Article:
But Labor will not succeed in regaining power, because its politics are a pale replica of the right-wing parties' beliefs. The resignation of Labor's last candidate for prime minister, Amram Mitzna, as party chairman, coupled with the resignations of left Laborites such as Beilin and Yael Dayan to form a new social-democratic party, testify to the impossibility of serious reform of the party. In the socio-economic domain, the Labor party holds neo-liberal positions similar to those of Likud's Binyamin Netanyahu. On the Israeli-Arab conflict, Labor parliamentarians like Generals Binyamin Ben Eliezer, Efraim Sneh and Dany Yatom are probably worse than some of the Likud MKs. The question for the average Israeli voter remains unchanged: why vote for a (Labor) copy when you can vote for the (Likud) original?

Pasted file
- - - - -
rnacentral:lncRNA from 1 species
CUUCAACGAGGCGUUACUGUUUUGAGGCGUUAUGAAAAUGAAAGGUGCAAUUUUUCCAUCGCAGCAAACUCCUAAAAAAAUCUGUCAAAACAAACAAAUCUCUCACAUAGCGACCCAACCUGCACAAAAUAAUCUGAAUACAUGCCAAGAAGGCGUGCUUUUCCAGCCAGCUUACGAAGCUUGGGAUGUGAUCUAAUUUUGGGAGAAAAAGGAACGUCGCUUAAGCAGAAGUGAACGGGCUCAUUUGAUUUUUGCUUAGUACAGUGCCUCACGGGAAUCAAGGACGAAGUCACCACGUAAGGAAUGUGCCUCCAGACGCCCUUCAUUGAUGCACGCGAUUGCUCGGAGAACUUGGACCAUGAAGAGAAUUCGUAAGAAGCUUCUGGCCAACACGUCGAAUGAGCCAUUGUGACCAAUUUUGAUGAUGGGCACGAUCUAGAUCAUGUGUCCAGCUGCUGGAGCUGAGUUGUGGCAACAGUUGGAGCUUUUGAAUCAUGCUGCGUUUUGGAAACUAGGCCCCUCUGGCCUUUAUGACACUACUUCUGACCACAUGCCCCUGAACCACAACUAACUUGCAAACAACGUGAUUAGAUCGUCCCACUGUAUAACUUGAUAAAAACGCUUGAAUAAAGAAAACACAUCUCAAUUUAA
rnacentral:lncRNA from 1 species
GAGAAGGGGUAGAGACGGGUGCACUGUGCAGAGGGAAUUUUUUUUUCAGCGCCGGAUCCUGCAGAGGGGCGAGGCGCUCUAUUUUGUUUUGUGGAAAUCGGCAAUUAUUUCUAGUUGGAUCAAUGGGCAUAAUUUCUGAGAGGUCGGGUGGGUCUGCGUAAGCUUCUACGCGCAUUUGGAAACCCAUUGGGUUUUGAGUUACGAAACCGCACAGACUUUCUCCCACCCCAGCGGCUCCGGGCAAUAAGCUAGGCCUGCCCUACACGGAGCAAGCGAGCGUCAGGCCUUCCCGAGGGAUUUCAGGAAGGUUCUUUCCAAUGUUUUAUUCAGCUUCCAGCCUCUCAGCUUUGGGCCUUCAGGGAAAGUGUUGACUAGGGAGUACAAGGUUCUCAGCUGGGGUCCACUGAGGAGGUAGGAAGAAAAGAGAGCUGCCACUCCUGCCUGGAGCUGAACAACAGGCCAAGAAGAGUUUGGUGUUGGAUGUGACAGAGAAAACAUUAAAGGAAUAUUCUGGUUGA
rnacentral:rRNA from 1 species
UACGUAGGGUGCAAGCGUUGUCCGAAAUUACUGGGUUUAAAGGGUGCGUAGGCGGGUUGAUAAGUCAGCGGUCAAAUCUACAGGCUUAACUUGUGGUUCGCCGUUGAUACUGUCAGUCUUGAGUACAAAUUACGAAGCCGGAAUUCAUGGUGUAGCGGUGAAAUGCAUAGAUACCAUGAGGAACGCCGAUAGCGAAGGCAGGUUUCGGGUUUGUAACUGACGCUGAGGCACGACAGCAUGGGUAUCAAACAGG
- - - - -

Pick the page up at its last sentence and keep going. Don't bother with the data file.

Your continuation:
What Should Be Done?

If they are truly interested in a viable and sustainable peace for their people, Israeli politicians will ultimately need to present a peace accord that can earn the backing of non-elite Palestinians. To this end, Israeli public opinion will have to develop a much more sober understanding of the socio-political dynamics underlying the Arab-Israeli conflict. Rather than focusing on this or that textual clause of the Geneva Accord, Israelis interested in reaching a just and lasting peace must immediately focus on the candid verbal and written explanations that are necessary in order to contextualize these understandings productively.